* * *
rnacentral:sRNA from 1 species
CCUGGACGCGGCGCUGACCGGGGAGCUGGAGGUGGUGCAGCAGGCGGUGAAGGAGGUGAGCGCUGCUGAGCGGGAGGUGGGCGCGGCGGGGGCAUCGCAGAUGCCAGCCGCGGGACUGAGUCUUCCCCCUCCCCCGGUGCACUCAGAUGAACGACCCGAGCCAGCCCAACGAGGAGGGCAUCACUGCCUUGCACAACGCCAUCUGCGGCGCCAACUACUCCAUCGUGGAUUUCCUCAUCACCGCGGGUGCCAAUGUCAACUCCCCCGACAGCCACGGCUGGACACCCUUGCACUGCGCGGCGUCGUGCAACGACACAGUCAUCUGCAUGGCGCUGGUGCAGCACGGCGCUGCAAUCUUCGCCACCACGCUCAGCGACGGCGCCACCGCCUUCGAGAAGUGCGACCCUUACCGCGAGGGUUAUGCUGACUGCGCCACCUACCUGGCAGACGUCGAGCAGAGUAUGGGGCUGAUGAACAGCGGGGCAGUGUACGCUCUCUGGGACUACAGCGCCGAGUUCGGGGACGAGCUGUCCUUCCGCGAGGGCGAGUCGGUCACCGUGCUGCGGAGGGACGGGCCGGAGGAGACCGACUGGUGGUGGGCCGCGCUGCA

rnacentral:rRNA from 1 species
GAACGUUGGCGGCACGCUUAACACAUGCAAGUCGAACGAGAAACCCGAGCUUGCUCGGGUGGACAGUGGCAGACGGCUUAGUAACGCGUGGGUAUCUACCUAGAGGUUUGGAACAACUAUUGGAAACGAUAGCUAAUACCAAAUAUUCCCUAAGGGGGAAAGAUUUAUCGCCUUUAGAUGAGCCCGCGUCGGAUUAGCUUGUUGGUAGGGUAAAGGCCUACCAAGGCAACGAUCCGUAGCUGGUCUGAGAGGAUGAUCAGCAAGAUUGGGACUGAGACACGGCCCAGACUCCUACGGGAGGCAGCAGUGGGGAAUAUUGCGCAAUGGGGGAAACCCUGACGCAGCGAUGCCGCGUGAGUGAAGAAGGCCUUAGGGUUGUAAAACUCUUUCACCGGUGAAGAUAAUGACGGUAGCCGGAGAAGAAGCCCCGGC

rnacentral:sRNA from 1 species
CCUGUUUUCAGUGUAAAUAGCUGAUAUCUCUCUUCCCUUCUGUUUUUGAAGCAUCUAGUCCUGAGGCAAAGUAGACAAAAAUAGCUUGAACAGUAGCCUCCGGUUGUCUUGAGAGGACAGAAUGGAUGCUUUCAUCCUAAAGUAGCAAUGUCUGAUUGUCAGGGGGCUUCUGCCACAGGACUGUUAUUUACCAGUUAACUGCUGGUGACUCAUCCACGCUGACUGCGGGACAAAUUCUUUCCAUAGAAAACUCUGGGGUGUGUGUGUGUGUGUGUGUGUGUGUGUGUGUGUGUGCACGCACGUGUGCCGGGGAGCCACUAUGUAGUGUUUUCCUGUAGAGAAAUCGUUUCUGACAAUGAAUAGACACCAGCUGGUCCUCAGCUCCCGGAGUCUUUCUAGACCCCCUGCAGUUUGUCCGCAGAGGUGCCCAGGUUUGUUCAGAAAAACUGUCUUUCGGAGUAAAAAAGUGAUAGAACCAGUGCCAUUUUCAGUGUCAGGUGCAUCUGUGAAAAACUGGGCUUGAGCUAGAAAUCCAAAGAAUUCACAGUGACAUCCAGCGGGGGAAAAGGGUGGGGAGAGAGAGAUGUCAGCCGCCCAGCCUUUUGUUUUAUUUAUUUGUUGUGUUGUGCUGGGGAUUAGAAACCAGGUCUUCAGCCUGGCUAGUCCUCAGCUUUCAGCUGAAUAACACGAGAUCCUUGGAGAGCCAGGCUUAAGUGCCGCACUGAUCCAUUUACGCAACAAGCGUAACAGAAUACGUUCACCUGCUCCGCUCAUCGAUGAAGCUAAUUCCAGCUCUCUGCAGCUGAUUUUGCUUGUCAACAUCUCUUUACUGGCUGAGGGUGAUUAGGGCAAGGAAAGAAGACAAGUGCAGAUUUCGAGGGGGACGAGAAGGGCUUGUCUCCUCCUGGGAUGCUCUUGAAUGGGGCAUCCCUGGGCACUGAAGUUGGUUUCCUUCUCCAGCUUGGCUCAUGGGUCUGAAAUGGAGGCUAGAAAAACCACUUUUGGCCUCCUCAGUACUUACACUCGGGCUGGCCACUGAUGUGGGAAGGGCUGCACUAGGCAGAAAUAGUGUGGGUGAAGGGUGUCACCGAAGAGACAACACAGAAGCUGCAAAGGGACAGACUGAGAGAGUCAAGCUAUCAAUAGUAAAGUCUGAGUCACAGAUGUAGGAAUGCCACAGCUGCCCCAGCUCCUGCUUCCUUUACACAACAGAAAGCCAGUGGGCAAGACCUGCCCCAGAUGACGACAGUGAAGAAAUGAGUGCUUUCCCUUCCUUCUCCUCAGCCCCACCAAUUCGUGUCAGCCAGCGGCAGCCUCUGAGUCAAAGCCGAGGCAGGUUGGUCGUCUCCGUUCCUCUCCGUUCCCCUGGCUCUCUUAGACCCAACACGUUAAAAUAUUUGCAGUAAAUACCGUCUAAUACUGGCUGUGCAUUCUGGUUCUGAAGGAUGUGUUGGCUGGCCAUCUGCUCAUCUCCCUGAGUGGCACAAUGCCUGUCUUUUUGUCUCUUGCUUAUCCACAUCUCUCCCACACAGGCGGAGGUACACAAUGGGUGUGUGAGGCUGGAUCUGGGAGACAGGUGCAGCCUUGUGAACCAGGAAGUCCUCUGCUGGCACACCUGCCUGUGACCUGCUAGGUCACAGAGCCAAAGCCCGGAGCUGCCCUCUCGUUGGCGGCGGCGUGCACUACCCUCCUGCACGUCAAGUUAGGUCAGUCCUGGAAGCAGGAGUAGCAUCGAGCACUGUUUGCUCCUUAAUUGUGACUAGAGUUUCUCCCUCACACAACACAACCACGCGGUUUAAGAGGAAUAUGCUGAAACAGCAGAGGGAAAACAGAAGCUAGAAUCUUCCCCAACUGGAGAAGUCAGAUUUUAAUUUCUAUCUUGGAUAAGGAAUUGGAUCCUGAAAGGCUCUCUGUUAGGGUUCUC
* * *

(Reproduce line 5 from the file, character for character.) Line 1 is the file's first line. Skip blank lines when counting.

rnacentral:sRNA from 1 species